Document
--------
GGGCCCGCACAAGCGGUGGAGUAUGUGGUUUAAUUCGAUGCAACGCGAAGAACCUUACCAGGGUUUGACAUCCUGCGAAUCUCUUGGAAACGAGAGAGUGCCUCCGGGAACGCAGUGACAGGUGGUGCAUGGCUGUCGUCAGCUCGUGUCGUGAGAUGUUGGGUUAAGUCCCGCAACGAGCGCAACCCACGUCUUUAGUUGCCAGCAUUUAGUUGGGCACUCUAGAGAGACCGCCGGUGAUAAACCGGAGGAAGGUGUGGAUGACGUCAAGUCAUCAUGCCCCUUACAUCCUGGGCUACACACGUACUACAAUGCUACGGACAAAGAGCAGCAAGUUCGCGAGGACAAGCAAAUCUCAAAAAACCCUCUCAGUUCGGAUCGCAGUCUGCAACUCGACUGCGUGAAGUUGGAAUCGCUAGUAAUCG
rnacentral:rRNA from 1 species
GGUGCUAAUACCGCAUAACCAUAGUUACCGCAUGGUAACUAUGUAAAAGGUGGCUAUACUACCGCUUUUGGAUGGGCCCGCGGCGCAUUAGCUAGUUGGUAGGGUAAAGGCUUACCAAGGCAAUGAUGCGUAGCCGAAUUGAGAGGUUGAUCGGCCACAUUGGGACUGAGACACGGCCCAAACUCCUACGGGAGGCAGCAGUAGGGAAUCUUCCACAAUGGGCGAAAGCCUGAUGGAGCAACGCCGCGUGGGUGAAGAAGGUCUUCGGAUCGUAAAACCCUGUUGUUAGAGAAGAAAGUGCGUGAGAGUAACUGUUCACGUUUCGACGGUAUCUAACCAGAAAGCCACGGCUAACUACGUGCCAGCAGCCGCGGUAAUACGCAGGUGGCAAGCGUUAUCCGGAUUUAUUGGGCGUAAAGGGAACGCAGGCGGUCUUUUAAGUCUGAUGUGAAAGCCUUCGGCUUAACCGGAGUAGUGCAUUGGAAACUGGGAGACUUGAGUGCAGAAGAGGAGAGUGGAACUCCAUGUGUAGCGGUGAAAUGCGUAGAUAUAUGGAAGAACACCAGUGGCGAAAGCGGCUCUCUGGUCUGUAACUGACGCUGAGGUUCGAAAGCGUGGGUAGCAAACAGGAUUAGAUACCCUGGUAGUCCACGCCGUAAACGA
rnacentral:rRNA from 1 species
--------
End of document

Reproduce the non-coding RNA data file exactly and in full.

GGGCCCGCACAAGCGGUGGAGUAUGUGGUUUAAUUCGAUGCAACGCGAAGAACCUUACCAGGGUUUGACAUCCUGCGAAUCUCUUGGAAACGAGAGAGUGCCUCCGGGAACGCAGUGACAGGUGGUGCAUGGCUGUCGUCAGCUCGUGUCGUGAGAUGUUGGGUUAAGUCCCGCAACGAGCGCAACCCACGUCUUUAGUUGCCAGCAUUUAGUUGGGCACUCUAGAGAGACCGCCGGUGAUAAACCGGAGGAAGGUGUGGAUGACGUCAAGUCAUCAUGCCCCUUACAUCCUGGGCUACACACGUACUACAAUGCUACGGACAAAGAGCAGCAAGUUCGCGAGGACAAGCAAAUCUCAAAAAACCCUCUCAGUUCGGAUCGCAGUCUGCAACUCGACUGCGUGAAGUUGGAAUCGCUAGUAAUCG
rnacentral:rRNA from 1 species
GGUGCUAAUACCGCAUAACCAUAGUUACCGCAUGGUAACUAUGUAAAAGGUGGCUAUACUACCGCUUUUGGAUGGGCCCGCGGCGCAUUAGCUAGUUGGUAGGGUAAAGGCUUACCAAGGCAAUGAUGCGUAGCCGAAUUGAGAGGUUGAUCGGCCACAUUGGGACUGAGACACGGCCCAAACUCCUACGGGAGGCAGCAGUAGGGAAUCUUCCACAAUGGGCGAAAGCCUGAUGGAGCAACGCCGCGUGGGUGAAGAAGGUCUUCGGAUCGUAAAACCCUGUUGUUAGAGAAGAAAGUGCGUGAGAGUAACUGUUCACGUUUCGACGGUAUCUAACCAGAAAGCCACGGCUAACUACGUGCCAGCAGCCGCGGUAAUACGCAGGUGGCAAGCGUUAUCCGGAUUUAUUGGGCGUAAAGGGAACGCAGGCGGUCUUUUAAGUCUGAUGUGAAAGCCUUCGGCUUAACCGGAGUAGUGCAUUGGAAACUGGGAGACUUGAGUGCAGAAGAGGAGAGUGGAACUCCAUGUGUAGCGGUGAAAUGCGUAGAUAUAUGGAAGAACACCAGUGGCGAAAGCGGCUCUCUGGUCUGUAACUGACGCUGAGGUUCGAAAGCGUGGGUAGCAAACAGGAUUAGAUACCCUGGUAGUCCACGCCGUAAACGA
rnacentral:rRNA from 1 species